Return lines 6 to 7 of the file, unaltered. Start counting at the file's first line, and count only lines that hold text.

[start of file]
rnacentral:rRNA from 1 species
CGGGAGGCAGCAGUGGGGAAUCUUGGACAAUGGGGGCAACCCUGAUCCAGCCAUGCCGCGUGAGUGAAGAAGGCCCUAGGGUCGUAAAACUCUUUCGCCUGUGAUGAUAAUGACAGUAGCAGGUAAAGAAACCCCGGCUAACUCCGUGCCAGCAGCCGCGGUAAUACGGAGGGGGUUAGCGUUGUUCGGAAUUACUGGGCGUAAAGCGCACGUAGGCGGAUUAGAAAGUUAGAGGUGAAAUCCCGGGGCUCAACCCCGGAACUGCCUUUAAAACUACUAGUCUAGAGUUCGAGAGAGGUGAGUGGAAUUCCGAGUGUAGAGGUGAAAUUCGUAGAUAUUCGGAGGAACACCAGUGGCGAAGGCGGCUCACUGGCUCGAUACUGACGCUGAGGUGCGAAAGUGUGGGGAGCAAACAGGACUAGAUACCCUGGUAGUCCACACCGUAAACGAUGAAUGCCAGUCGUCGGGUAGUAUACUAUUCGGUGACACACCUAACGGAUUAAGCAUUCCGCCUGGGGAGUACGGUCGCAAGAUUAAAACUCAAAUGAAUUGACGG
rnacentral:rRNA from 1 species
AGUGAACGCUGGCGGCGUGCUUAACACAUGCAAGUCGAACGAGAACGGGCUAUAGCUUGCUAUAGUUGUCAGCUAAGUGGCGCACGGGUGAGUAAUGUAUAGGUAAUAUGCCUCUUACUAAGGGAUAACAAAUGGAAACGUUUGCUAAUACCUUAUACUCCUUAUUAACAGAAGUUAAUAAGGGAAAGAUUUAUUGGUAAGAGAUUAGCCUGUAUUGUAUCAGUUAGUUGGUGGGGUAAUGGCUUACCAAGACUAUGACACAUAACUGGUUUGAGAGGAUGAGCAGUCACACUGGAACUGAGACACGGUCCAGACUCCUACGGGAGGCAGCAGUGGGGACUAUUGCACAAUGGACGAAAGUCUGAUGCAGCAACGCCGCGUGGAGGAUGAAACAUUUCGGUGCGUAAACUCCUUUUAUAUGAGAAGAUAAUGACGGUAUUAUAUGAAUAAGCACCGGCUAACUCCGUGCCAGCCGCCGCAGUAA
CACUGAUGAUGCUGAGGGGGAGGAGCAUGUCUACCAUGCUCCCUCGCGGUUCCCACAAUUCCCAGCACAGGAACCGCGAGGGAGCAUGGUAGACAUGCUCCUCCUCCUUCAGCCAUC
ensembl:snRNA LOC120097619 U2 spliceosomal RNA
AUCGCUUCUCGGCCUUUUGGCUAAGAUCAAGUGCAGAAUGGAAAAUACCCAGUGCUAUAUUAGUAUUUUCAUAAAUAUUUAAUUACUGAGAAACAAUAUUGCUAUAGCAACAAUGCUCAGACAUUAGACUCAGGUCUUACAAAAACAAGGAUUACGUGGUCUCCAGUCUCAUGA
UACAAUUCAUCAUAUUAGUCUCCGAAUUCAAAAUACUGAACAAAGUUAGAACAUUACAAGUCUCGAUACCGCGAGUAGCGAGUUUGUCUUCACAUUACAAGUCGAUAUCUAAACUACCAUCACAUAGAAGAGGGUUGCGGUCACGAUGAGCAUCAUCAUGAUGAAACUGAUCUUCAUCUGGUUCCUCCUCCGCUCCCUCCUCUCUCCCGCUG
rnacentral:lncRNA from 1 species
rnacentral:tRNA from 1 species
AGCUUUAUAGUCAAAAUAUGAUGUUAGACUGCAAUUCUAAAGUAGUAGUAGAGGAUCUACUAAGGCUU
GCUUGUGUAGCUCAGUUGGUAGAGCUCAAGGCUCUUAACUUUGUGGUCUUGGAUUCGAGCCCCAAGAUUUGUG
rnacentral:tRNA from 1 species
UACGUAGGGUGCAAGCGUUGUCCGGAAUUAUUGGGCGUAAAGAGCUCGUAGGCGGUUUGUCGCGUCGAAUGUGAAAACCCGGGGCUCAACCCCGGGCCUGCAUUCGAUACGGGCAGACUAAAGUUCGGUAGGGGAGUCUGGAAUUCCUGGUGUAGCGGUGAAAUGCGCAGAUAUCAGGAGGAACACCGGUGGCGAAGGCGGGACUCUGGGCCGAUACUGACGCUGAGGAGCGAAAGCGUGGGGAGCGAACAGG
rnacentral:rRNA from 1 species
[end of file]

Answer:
ensembl:snRNA LOC120097619 U2 spliceosomal RNA
AUCGCUUCUCGGCCUUUUGGCUAAGAUCAAGUGCAGAAUGGAAAAUACCCAGUGCUAUAUUAGUAUUUUCAUAAAUAUUUAAUUACUGAGAAACAAUAUUGCUAUAGCAACAAUGCUCAGACAUUAGACUCAGGUCUUACAAAAACAAGGAUUACGUGGUCUCCAGUCUCAUGA